Concept & DesignConsultantPractices for ThoughtVol. 19

beginning with energy MANAGEMENT IN MIND

By February 26, 2018No Comments

CD_Article3_5The wise often exhort us to start something with our destination in mind. Makes perfect sense because our every action will be hinged on the eventual place we want to arrive. Operators would benefit by putting certain measures in place before the day-to-day practices. And this is further highlighted by professionals of the industry, such as Rick Caron from Weltbilt Inc. In a conference recently, he spoke of kitchen design and how it relates to better optimise your footprint. From his travels, he observed old kitchens were not efficiently designed for a good workflow and this trend led to the Frankfurt Kitchen. Austrian architect Margarete Schütte-Lihotzky had designed a unified concept after studying the time and motion in a kitchen. It solved the problem of building a working kitchen that did not occupy too much of an apartment’s total space. A separate room, connected to the living room by a door that showed a separation of a home’s function.

Although it was designed for domestic homes, it has become the blueprint for commercial kitchen designs. If you believe in the importance of flow in your homes, you will apply the same principles and understand why kitchen design is instrumental to operations.

• Well-designed kitchens facilitate better workflow and efficiency. This enables workers to be more productive and effective, thus cutting down on fatigue.
• The right building fabric to use for floors, walls, food preparation surfaces, ease of cleanliness and for acoustic properties.
• Lights, layout and energy management might not seem linked at first thought. However, a clear idea on the layout allows you to decide exactly where to place the lights to ensure it is bright enough to see yet comfortable to the eyes. The right amount of lights = better energy control.
• There are typically 3 types of kitchen layouts as below:

Loosely based on the “open office” concept, this layout promotes communication and allows better supervision with open floor space for easy cleaning. Principle cooking equipment such as ranges, fryers, grills, ovens are put together as one module at the kitchen’s centre. Other sections are then positioned on the perimetre walls according to logical workflow.

Assembly Line
Establishments serving large volumes of a limited menu can apply this configuration. Equipment is placed in line with the food preparation area at one end and the service area at the other for cooks to send food down the line in rapid speed. Kitchen equipment may be linked together to create better efficiency and space saving. The emphasis of this layout is on food delivery thus the storage/receiving and cleaning areas are usually behind the assembly line.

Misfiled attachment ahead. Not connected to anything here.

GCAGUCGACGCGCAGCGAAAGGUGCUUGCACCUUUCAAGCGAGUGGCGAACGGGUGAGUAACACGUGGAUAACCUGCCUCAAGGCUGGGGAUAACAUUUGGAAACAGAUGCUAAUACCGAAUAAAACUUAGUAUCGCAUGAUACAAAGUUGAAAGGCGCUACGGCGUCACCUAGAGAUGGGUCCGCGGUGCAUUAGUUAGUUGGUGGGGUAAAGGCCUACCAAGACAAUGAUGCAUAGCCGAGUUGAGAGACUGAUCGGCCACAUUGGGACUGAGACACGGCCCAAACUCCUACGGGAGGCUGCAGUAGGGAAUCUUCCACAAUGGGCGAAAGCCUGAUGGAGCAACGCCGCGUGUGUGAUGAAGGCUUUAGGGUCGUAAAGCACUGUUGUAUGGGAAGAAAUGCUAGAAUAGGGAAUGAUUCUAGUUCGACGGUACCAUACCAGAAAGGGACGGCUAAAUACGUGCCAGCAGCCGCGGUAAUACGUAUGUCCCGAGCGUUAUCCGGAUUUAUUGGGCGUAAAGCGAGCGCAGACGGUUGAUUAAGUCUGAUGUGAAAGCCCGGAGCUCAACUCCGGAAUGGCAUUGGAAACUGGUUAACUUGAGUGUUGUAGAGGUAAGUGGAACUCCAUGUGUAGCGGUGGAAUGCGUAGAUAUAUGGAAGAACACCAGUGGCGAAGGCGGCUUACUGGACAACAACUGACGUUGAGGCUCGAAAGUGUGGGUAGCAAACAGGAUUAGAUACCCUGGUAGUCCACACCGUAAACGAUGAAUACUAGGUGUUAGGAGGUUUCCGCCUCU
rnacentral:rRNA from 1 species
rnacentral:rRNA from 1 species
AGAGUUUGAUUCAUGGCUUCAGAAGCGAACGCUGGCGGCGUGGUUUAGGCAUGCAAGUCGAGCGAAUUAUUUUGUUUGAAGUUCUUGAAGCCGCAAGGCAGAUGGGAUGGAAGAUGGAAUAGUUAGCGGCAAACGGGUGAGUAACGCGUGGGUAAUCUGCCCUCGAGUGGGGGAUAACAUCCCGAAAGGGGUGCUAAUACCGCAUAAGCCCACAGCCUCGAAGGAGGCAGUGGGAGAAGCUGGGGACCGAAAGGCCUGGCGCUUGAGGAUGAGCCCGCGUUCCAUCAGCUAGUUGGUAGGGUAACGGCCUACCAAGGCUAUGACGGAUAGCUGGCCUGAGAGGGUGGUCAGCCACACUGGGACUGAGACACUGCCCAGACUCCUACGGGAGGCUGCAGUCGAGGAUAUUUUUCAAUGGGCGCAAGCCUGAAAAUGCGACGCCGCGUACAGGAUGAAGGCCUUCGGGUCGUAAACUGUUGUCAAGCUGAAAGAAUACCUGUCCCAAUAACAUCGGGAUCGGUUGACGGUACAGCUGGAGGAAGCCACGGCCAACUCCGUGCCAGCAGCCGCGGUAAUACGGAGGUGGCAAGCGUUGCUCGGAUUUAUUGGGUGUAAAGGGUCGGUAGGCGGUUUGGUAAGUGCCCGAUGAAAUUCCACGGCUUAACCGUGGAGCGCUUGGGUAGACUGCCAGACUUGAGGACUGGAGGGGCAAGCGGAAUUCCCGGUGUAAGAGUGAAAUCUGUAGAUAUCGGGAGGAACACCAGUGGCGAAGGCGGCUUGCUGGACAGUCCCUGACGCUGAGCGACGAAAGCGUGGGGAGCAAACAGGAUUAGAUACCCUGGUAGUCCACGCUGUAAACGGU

Zone-Style Each block of the kitchen is set up for a specific purpose with major equipment located along the walls. The blocks are designed to optimise flow as per food preparation method with cleaning of produce ahead of storage, followed by the preparation, cooking and service at the exit closest to the dining area.

Although the above models stand to be as guiding posts, today’s landscape presents a bigger challenge to operators. Rick Caron says that most of his customers are looking for solutions in “integrating food, equipment (electronic controls) and people together in the context of the kitchen itself.” He suggests the utilisation of simulation models that you can use to scientifically optimise footprint and run different scenarios such as projecting what would it means to the kitchen if frying shifts to grilling. If you are thinking of getting a certain equipment, you can even run a life cycle cost analysis using tools like Fishnick’s Life Cycle & Energy Cost Calculators []. We will elaborate more on equipment selection on page 64 under the EQUIPMENT section.

In line with the idea of integrating people into the workings of the kitchen, Rick Caron also touched on hiring millennials. This is because they have new ideas and are adoptive to technologies to synchronise each function. We agree in advancement but we are also aware that for adoption of new energy management practices to take place, the operator must first work with employees on an intrinsic level. May we suggest you start by creating a matrix to identify where your people stand in this aspect.

From the matrix, identify two key elements which are “awareness” and “motivation”. The author (NIFES Consulting Group) describes awareness as what people know and motivation as why they take action – some people are motivated to save energy but do not have knowledge (awareness) while others have awareness but no motivation. By knowing where your employees are, you can create a framework to improve their awareness and motivation.

Set your sustainability policies in print in the kitchen and front-of-house so that everyone is in the know. It would help to consult a professional in energy management regarding implementing policies that would fit your kitchen’s culture and DNA.